The CF-105 Avro Arrow retains a vivid place in the minds of Canadian aviation and aerospace buffs.
The sleek interceptor symbolizes Canadian innovation and what could have been, should have been, Canada’s leading place in aerospace.
After an outstandingly promising start, the flying models, those under construction and all jigs and tools were suddenly ordered chopped up and reduced to scrap in 1959.
But the plane has never been forgotten.
There was great excitement this week when the first of several 1/8 scale flight test models had been recovered from Lake Ontario. The models had been launched from rockets out over the lake to test supersonic flight characteristics of the designs and modifications.
Full scale model
The search for the scale test models was made to find some vestiges of this fantastic, almost mythological plane. But in the 1990s’ a group decided the public should see an accurate full-scale example. A group of about 140 volunteers, some of whom had in fact worked on the original, began work on a full-sized replica.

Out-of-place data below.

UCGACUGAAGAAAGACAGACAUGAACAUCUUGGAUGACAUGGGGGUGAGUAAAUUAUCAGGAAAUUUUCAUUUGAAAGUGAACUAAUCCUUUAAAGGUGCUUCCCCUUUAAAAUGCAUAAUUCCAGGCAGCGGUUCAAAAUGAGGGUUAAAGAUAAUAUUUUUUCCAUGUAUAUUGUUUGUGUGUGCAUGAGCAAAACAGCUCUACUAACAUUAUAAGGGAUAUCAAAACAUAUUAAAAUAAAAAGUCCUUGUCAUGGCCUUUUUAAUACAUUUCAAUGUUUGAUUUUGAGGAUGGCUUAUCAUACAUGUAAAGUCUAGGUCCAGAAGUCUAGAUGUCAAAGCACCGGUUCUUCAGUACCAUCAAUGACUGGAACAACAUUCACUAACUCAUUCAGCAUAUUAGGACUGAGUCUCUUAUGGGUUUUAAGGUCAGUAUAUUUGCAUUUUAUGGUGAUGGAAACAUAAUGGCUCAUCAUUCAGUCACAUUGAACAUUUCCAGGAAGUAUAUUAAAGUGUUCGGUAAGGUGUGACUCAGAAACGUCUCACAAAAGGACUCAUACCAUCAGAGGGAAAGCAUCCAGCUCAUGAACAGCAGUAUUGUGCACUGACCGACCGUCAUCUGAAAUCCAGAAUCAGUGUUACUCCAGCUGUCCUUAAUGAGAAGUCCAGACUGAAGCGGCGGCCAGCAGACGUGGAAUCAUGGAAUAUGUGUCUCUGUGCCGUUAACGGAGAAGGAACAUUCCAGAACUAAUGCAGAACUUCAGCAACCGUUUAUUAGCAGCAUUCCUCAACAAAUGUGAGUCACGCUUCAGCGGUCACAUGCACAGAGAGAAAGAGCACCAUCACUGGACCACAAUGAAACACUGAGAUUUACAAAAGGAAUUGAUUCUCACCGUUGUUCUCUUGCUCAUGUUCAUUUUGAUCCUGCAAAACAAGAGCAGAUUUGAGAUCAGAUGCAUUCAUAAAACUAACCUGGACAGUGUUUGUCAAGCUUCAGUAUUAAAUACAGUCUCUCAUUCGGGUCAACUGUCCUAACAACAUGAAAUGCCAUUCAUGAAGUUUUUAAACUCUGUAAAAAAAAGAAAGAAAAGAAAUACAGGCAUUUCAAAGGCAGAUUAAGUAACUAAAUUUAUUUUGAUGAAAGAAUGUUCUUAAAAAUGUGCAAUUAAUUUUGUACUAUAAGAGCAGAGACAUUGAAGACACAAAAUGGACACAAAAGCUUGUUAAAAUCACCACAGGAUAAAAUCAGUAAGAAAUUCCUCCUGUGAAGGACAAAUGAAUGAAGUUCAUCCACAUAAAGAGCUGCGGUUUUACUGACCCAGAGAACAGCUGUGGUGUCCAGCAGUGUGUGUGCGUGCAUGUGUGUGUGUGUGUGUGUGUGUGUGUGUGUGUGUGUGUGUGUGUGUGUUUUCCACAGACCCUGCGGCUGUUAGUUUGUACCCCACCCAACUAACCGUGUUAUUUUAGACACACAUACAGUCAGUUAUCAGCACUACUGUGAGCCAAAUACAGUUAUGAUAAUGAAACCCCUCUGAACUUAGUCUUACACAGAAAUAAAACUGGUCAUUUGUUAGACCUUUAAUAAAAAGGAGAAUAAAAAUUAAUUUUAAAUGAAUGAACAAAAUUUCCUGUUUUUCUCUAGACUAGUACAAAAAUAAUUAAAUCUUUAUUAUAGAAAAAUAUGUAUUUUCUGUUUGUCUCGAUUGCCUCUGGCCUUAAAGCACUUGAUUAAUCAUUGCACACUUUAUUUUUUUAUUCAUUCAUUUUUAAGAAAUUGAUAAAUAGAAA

After seven years of painstaking work, the impressive replica, a full-sized model, was completed in Toronto near where the original plane had been created. It was rolled our for the public in 2006..
It was based on RL-203, the third and last flying Arrow, which was flown on the last day of testing prior to the destruction order.
For years it was on display at the Toronto Aerospace museum (Canadian Air and Space Museum).
However the museum was evicted in 2013 from its Downsview site to make way for an ice-rink complex.
The plane was partially disassembled for transport to another site at Pearson Airport in Toronto about 18 kilometres away and almost just as soon forgotten.
Some of those volunteers recently contacted a Toronto news outlet to express their concern. They found that the once beautifully striking replica had simply been pushed to the side at the corner of a lot at the airport where it had been sitting for years, exposed to the elements and deteriorating.
Toronto Mayor John Tory was contacted by the Toronto Sun news service in 2017 and said he would try to find a home for it.
A year later, and another year exposed to the elements Mayor Tory was contacted this year by City News and said much the same thing.
Meanwhile the once impressive replica sits exposed in a confined closed off corner of the airport.